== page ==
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The Golden Age of Piracy

The Golden Age of Piracy is the generally recognized designation for the era spanning the 1650s to the 1730s, when maritime piracy was a momentous factor in the antiquities of the Caribbean, United Kingdom, Indian Ocean, North America, and West Africa.
Historical accounts of piracy frequently subdivide the Golden Age of Piracy into these three distinct periods:

1- The buccaneering period, around 1650 to 1680, characterized by Anglo-French seamen based in Jamaica and Tortuga attacking Spanish colonies and shipping in the Caribbean Sea and eastern Pacific Ocean.
2- The Pirate Round during the 1690s, associated with long-distance voyages made from the Americas in order to raid Muslim and East India Company targets in the Indian Ocean and Red Sea.

3- The post-Spanish Succession period of 1715 to 1726, when Anglo-American sailors and privateers left idle by the end of the War of the Spanish Succession turned en masse to piracy in the Caribbean Sea, Indian Ocean, North American eastern seaboard, and the West African coast

The modern-day perception of pirates as depicted in popular culture is primarily rooted in the Golden Age of Piracy. And incentives contributing to those engaged in piracy included the upsurge in quantities of valuable cargoes being shipped to Europe over long ocean voyages, reduced presence of European navies in many regions, enhanced training and experience that sailors had gained in European navies, particularly the British Royal Navy, and the corrupt and ineffective government administration in European overseas colonies. Piracy initially arose out of conflicts over trade and colonization among the rival European powers of Britain, Spain, Netherlands, Portugal, and France. Too, most pirates of the era were of Welsh, English, Dutch, Irish, and French nationality, and many came from deprived urbanized areas in search of a way to make money and gain standing. London in particular was known for high joblessness, over-crowding, and poverty which drove individuals to piracy that offered them the allure of power and quick riches.
Buccaneering period, c. 1650–1680; Most historians mark the beginning of the Golden Age of Piracy at around 1650, when the end of Wars of Religion permitted European countries to resume the development of their colonial empires resulting in immense economic expansion. Therefore, there was substantial money to be made, or stolen, because abundant cargo was moved via ship.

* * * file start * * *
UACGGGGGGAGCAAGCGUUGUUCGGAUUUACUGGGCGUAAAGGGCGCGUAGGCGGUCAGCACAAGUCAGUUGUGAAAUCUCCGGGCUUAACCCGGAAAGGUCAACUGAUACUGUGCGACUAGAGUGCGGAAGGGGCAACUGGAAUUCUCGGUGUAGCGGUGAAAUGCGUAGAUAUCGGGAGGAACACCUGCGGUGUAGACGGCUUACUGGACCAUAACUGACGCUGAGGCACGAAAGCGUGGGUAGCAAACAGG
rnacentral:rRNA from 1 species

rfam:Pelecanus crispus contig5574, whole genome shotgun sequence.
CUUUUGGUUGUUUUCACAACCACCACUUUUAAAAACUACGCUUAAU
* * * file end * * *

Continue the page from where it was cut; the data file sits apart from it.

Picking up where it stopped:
French buccaneers had established themselves on northern Hispaniola, an island in the Caribbean that is part of the Greater Antilles as early as 1625, but lived at first mostly as hunters rather than robbers; their transition to full-time piracy was gradual and motivated in part by Spanish efforts to wipe out both the buccaneers and the prey animals on which they depended. The buccaneers’ migration from Hispaniola’s mainland to the more defensible offshore island of Tortuga limited their resources and accelerated their piratical raids.

Capt. William Kidd

The growth of buccaneering on Tortuga was augmented by the English seizure of Jamaica from Spain in 1655 because the early English governors there freely granted Tortuga buccaneers letters of marque, a government license that authorized private individuals branded as a privateers or corsairs to attack and capture vessels of a foreign nation at war with the issuer. As well, the growth of Port Royal provided these raiders with a far more profitable and amusing setting to sell their booty. In the 1660s, the new French governor of Tortuga, Bertrand d’Ogeron, similarly provided privateering commissions both to his own colonists and to English cutthroats from Port Royal, and these circumstances brought Caribbean buccaneering to its peak.
Pirate Round, c. 1693–1700; As the 1690s began, a number of factors prompted Anglo-American pirates, some of whom had been introduced to piracy during the buccaneering period, to explore beyond the Caribbean to hunt treasure. The end of Britain’s Stuart period, from 1603 to 1714, during the dynasty of the House of Stuart that ended with the death of Queen Anne and the accession of King George the First from the German House of Hanover, had reestablished the prior animosity between Britain and France thus ending the profitable collaboration between English Jamaica and French Tortuga. Then the devastation of Port Royal by an earthquake in 1692 further reduced the Caribbean’s attraction by destroying the pirates’ chief market for fenced loot. Furthermore, much of the Spanish Main had simply been exhausted; Maracaibo alone had been sacked three times between 1667 and 1678, while Río de la Hacha had been raided five times and Tolú eight.
At the same time, England’s less-favored colonies, including Bermuda, New York, and Rhode Island, had become cash-starved by the Navigation Act of 1651, aimed primarily at the Dutch, that required all trade between England and the colonies to be carried in English or colonial vessels, So, merchants and governors eager for coin were willing to overlook and even underwrite pirate voyages. Although some of the pirates operating out of New England and the Middle Colonies targeted Spain’s more remote Pacific coast colonies well into the 1690s and beyond, the Indian Ocean was a richer and more tempting target. India’s economic output dwarfed Europe’s during that time, especially in high-value luxury goods such as silk and calico, which made ideal pirate booty. At the same time, no powerful navies plied the Indian Ocean, leaving both local shipping and the various East India companies’ vessels vulnerable to attack. This set the stage for the famous piracies of Thomas Tew, Henry Every, Robert Culliford, and William “Captain” Kidd.